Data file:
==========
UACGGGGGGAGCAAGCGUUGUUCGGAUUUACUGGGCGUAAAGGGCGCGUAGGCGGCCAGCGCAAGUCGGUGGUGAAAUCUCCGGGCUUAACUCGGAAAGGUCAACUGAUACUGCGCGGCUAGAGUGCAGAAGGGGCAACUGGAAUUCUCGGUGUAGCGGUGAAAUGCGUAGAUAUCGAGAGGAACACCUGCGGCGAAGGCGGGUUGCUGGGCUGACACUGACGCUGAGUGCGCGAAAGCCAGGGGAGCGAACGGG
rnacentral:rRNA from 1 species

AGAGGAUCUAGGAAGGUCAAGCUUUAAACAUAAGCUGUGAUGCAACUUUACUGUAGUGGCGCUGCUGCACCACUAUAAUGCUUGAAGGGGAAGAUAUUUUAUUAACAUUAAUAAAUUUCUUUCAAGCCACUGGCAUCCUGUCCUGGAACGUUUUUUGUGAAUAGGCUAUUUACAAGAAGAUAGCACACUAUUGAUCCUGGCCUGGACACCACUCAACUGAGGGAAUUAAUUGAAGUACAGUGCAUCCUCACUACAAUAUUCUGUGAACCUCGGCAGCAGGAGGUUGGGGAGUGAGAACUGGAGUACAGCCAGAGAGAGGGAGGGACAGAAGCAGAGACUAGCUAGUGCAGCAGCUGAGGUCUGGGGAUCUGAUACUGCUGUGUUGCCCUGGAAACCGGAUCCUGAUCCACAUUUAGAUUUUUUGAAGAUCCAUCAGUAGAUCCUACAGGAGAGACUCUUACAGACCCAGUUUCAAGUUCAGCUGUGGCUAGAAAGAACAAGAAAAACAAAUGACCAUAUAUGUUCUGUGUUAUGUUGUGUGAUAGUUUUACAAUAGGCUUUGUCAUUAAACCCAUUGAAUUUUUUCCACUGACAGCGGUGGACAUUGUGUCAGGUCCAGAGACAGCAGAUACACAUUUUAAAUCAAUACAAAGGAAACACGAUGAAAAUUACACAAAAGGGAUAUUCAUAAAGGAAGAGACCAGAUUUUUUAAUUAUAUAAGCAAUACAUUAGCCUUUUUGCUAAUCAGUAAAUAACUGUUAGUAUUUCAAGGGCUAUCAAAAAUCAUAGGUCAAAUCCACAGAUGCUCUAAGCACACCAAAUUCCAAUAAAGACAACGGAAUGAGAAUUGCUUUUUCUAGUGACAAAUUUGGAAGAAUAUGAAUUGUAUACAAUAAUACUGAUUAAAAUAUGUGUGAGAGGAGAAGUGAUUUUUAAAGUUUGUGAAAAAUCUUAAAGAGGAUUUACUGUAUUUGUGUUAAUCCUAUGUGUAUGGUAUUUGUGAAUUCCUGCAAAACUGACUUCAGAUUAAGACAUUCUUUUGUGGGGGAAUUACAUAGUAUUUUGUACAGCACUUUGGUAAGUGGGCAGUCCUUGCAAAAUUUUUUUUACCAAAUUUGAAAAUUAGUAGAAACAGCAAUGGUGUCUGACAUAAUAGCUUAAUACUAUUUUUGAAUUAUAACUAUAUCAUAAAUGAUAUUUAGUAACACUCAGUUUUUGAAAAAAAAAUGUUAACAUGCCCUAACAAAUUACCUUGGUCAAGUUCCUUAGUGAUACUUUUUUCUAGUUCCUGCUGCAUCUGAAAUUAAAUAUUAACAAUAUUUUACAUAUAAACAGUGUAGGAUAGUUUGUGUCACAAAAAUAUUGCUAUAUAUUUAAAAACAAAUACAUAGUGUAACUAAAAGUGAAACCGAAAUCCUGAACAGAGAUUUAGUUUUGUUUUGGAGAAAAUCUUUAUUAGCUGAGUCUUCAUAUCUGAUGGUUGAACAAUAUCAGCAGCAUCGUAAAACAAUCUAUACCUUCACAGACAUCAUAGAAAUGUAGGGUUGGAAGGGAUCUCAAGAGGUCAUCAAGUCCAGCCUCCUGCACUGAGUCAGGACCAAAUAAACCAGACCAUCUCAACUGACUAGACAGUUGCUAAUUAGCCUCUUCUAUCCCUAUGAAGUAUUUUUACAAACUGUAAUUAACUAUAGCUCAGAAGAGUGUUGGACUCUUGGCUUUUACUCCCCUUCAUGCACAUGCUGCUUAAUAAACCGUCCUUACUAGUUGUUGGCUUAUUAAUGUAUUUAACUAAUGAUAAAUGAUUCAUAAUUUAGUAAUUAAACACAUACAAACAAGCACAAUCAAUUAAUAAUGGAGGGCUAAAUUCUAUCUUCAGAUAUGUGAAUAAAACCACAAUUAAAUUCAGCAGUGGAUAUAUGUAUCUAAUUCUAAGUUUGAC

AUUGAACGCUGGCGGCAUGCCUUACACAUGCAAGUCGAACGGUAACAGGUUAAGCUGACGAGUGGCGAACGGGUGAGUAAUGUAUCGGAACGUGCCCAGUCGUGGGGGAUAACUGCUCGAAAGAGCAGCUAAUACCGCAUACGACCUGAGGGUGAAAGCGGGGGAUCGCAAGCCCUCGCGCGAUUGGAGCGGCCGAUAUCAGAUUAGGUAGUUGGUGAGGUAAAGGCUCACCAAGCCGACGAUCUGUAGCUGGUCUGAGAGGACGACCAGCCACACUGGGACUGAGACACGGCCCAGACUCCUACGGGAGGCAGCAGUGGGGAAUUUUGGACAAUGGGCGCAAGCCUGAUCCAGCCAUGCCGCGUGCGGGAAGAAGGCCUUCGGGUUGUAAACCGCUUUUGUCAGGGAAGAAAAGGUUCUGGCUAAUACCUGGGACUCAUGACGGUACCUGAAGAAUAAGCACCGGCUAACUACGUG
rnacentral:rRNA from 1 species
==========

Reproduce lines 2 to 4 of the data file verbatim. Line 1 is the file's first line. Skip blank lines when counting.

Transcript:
rnacentral:rRNA from 1 species

AGAGGAUCUAGGAAGGUCAAGCUUUAAACAUAAGCUGUGAUGCAACUUUACUGUAGUGGCGCUGCUGCACCACUAUAAUGCUUGAAGGGGAAGAUAUUUUAUUAACAUUAAUAAAUUUCUUUCAAGCCACUGGCAUCCUGUCCUGGAACGUUUUUUGUGAAUAGGCUAUUUACAAGAAGAUAGCACACUAUUGAUCCUGGCCUGGACACCACUCAACUGAGGGAAUUAAUUGAAGUACAGUGCAUCCUCACUACAAUAUUCUGUGAACCUCGGCAGCAGGAGGUUGGGGAGUGAGAACUGGAGUACAGCCAGAGAGAGGGAGGGACAGAAGCAGAGACUAGCUAGUGCAGCAGCUGAGGUCUGGGGAUCUGAUACUGCUGUGUUGCCCUGGAAACCGGAUCCUGAUCCACAUUUAGAUUUUUUGAAGAUCCAUCAGUAGAUCCUACAGGAGAGACUCUUACAGACCCAGUUUCAAGUUCAGCUGUGGCUAGAAAGAACAAGAAAAACAAAUGACCAUAUAUGUUCUGUGUUAUGUUGUGUGAUAGUUUUACAAUAGGCUUUGUCAUUAAACCCAUUGAAUUUUUUCCACUGACAGCGGUGGACAUUGUGUCAGGUCCAGAGACAGCAGAUACACAUUUUAAAUCAAUACAAAGGAAACACGAUGAAAAUUACACAAAAGGGAUAUUCAUAAAGGAAGAGACCAGAUUUUUUAAUUAUAUAAGCAAUACAUUAGCCUUUUUGCUAAUCAGUAAAUAACUGUUAGUAUUUCAAGGGCUAUCAAAAAUCAUAGGUCAAAUCCACAGAUGCUCUAAGCACACCAAAUUCCAAUAAAGACAACGGAAUGAGAAUUGCUUUUUCUAGUGACAAAUUUGGAAGAAUAUGAAUUGUAUACAAUAAUACUGAUUAAAAUAUGUGUGAGAGGAGAAGUGAUUUUUAAAGUUUGUGAAAAAUCUUAAAGAGGAUUUACUGUAUUUGUGUUAAUCCUAUGUGUAUGGUAUUUGUGAAUUCCUGCAAAACUGACUUCAGAUUAAGACAUUCUUUUGUGGGGGAAUUACAUAGUAUUUUGUACAGCACUUUGGUAAGUGGGCAGUCCUUGCAAAAUUUUUUUUACCAAAUUUGAAAAUUAGUAGAAACAGCAAUGGUGUCUGACAUAAUAGCUUAAUACUAUUUUUGAAUUAUAACUAUAUCAUAAAUGAUAUUUAGUAACACUCAGUUUUUGAAAAAAAAAUGUUAACAUGCCCUAACAAAUUACCUUGGUCAAGUUCCUUAGUGAUACUUUUUUCUAGUUCCUGCUGCAUCUGAAAUUAAAUAUUAACAAUAUUUUACAUAUAAACAGUGUAGGAUAGUUUGUGUCACAAAAAUAUUGCUAUAUAUUUAAAAACAAAUACAUAGUGUAACUAAAAGUGAAACCGAAAUCCUGAACAGAGAUUUAGUUUUGUUUUGGAGAAAAUCUUUAUUAGCUGAGUCUUCAUAUCUGAUGGUUGAACAAUAUCAGCAGCAUCGUAAAACAAUCUAUACCUUCACAGACAUCAUAGAAAUGUAGGGUUGGAAGGGAUCUCAAGAGGUCAUCAAGUCCAGCCUCCUGCACUGAGUCAGGACCAAAUAAACCAGACCAUCUCAACUGACUAGACAGUUGCUAAUUAGCCUCUUCUAUCCCUAUGAAGUAUUUUUACAAACUGUAAUUAACUAUAGCUCAGAAGAGUGUUGGACUCUUGGCUUUUACUCCCCUUCAUGCACAUGCUGCUUAAUAAACCGUCCUUACUAGUUGUUGGCUUAUUAAUGUAUUUAACUAAUGAUAAAUGAUUCAUAAUUUAGUAAUUAAACACAUACAAACAAGCACAAUCAAUUAAUAAUGGAGGGCUAAAUUCUAUCUUCAGAUAUGUGAAUAAAACCACAAUUAAAUUCAGCAGUGGAUAUAUGUAUCUAAUUCUAAGUUUGAC

AUUGAACGCUGGCGGCAUGCCUUACACAUGCAAGUCGAACGGUAACAGGUUAAGCUGACGAGUGGCGAACGGGUGAGUAAUGUAUCGGAACGUGCCCAGUCGUGGGGGAUAACUGCUCGAAAGAGCAGCUAAUACCGCAUACGACCUGAGGGUGAAAGCGGGGGAUCGCAAGCCCUCGCGCGAUUGGAGCGGCCGAUAUCAGAUUAGGUAGUUGGUGAGGUAAAGGCUCACCAAGCCGACGAUCUGUAGCUGGUCUGAGAGGACGACCAGCCACACUGGGACUGAGACACGGCCCAGACUCCUACGGGAGGCAGCAGUGGGGAAUUUUGGACAAUGGGCGCAAGCCUGAUCCAGCCAUGCCGCGUGCGGGAAGAAGGCCUUCGGGUUGUAAACCGCUUUUGUCAGGGAAGAAAAGGUUCUGGCUAAUACCUGGGACUCAUGACGGUACCUGAAGAAUAAGCACCGGCUAACUACGUG